8.8

Makala

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<i>Makala</i>

Our work defines us. Perhaps more than any other thing we do in life, our labor becomes a way that we express who we are to the world around us—not just our profession, but our attitude toward it, and the ways in which we approach the tasks at hand. For those of us who work to make a living, we’re connected to our jobs in an intimate way—we need them, and perhaps they also give us some measure of satisfaction or self-worth. Our work is our second skin—and maybe the thing that we’ll be best known for once we’re gone.

The immersive documentary Makala brings these thoughts to the fore. French director Emmanuel Gras, who won the top prize at last year’s Cannes Critics Week, invites us to spend a few days with Kabwita, a 28-year-old Congolese man who sets about selling his charcoal at a nearby market. Kabwita has a family to support—he has a child who needs medicine—and Gras stays out of his way, simply observing him as he goes about his job. Makala is a movie about process, but it’s also about the work we do and the ways we spend time on this planet. The documentary’s so simple it feels profound without ever really trying.

As we’ll quickly learn, selling charcoal is harder than it sounds. For starters, you have to acquire the raw materials to create charcoal. Gras’ camera trails behind Kabwita as he silently walks toward a massive tree, a pickaxe on his shoulder. We’re not given any information about where exactly Kabwita lives—the press notes indicate it’s nearby Kolwezi, “a fairly dry region, with vast open-pit mines”—but we can sense the harshness of the environment. And then, Kabwita begins chopping down the tree. Early on, Makala establishes its rhythm, asking us to consider the effort that manual labor requires by lingering on it. Gras gives us shots of Kabwita working on that towering object until, eventually, it falls over, the camera taking in the magnificence and shock of that moment.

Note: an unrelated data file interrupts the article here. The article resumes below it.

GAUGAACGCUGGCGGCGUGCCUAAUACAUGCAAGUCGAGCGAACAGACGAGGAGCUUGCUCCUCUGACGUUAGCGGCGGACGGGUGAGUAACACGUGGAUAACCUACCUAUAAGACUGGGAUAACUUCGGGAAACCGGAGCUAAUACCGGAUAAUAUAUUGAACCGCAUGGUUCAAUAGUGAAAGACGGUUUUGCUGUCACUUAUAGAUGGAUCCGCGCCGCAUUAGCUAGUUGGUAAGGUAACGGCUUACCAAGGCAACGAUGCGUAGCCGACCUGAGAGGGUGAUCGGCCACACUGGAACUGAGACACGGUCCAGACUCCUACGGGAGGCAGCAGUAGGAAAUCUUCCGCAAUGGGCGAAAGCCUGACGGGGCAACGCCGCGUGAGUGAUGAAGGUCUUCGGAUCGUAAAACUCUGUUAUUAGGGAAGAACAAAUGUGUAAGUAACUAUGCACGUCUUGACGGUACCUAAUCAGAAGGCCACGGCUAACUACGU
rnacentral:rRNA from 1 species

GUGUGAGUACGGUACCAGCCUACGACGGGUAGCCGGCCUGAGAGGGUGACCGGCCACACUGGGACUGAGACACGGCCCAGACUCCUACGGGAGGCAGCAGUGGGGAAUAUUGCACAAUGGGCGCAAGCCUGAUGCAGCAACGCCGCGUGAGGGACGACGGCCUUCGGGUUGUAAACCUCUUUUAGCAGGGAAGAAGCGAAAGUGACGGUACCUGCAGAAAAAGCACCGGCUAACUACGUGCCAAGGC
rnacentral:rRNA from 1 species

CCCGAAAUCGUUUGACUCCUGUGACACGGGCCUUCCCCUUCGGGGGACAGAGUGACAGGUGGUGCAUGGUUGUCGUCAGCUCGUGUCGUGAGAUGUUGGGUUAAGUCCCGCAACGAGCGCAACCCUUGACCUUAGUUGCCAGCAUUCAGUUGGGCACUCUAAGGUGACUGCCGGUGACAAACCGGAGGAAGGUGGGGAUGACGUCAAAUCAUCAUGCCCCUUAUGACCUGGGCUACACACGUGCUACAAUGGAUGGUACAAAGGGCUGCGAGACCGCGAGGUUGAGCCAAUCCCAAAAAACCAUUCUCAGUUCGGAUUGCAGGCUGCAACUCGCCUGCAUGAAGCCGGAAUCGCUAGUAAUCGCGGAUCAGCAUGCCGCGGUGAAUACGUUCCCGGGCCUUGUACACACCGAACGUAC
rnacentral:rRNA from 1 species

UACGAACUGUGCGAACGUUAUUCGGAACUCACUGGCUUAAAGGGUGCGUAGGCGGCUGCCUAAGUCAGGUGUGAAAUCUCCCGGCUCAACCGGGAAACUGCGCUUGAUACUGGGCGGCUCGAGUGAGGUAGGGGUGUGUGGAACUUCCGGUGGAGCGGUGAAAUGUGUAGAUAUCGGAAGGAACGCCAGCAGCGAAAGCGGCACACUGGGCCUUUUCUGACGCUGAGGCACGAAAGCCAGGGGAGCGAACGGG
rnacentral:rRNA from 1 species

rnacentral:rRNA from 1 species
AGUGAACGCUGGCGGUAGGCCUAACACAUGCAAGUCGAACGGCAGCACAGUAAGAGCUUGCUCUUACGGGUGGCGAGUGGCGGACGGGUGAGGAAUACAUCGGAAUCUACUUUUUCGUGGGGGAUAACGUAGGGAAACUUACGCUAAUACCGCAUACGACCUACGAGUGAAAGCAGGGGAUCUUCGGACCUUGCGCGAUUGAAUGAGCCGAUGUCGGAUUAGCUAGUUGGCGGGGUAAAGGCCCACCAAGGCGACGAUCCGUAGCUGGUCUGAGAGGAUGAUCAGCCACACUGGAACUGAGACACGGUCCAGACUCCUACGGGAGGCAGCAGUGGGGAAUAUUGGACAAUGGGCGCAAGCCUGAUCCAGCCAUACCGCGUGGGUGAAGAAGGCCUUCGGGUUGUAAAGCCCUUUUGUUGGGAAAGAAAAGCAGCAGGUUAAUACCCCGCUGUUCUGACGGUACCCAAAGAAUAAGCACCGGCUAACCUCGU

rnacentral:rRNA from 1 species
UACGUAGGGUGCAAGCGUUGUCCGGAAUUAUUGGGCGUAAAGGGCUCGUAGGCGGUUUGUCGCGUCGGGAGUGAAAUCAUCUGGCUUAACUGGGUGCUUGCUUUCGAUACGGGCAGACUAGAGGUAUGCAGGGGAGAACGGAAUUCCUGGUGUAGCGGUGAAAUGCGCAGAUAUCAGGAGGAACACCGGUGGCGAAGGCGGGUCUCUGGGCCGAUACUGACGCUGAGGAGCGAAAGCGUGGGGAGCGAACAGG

As the documentary proceeds, there is no voiceover, no interviews and no title cards explaining what we’re watching. Makala instead wants us to embrace the sparseness of Kabwita’s life—and the nonchalance of how he goes about his tasks. He’ll turn the tree into charcoal using an oversized earthen oven—this also takes time—and then he’s off, tying the heavy, cumbersome bags of charcoal to his bike so he can push them into town, which appears to be quite a distance away. Kabwita never looks into the camera—he barely seems to even acknowledge Gras’ presence. He’s got work to do.

Such a description of Makala risks reducing the film to a precious paean to salt-of-the-earth types, romanticizing daily labor and patronizingly turning Kabwita into a martyr or saint. What’s remarkable about the film is that Gras resists these temptations and attitudes. Makala is gorgeously shot—the low-light photography is especially striking—but it possesses a purity that sidesteps accusations of “poverty porn.” Gras is empathetic, but he’s also reserved, respectful, just a bit distant. The director focuses on showing what Kabwita’s life requires, and by not engaging his subject, Gras allows him to just be himself, whether we’re watching or not.

As a result, we’re astonished. A documentary like Makala doesn’t exactly have plot twists, but Kabwita’s journey starts to take on the form of a folktale, or an epic poem. Because Kabwita lives so close to the land, his odyssey has a timelessness to it. Only when he gets closer to town do we start to see some of the trappings of modern life—if we didn’t know better, we’d swear the movie was set in the not-too-distant past. And because Kabwita doesn’t talk much, he’s intriguingly inscrutable. Makala doesn’t diminish his humanity—it gives him an almost mythic tenor. He could be anyone, but his determination and the preciseness of his actions render him as a specific individual.

Eventually, Kabwita will begin to barter, trying to sell his wares for the best price he can muster. Makala gives these moments a universal resonance—the eternal haggling people do to get what we want—and because we’ve spent time close to this man as he’s struggled to get to this point, we’re invested in the outcome. The specificity of every scene speaks to something primal within all of us—to survive, to not get screwed over, to get ahead, to find some sort of greater meaning—but the thoughts flash by so effortlessly that it’s not always clear that Gras is even compelling us to consider them.

Certainly, Kabwita doesn’t care one way or the other: He’s got a job to do. It’s the simplest thing, but he (and Gras) give that truth a significance that might make it hard to return to your daily life after seeing Makala. Suddenly, every action—every choice, every decision—is infused with new meaning. Makala depicts a harsh reality, but its unexpected beauty comes from the nonchalance of its portrayal. Its poignancy derives from Gras recognizing his (and our) privileged position—he knows he can’t erase the divide between us and Kabwita, but the least he can do is honor Kabwita’s labor by staying out of the man’s way.

Grade: A-

Director: Emmanuel Gras
Release Date: August 24, 2018


Tim Grierson is chief film critic for Paste and the vice president of the Los Angeles Film Critics Association. You can follow him on Twitter.

Grierson & Leitch write about the movies regularly and host a podcast on film. Follow them on Twitter or visit their site.

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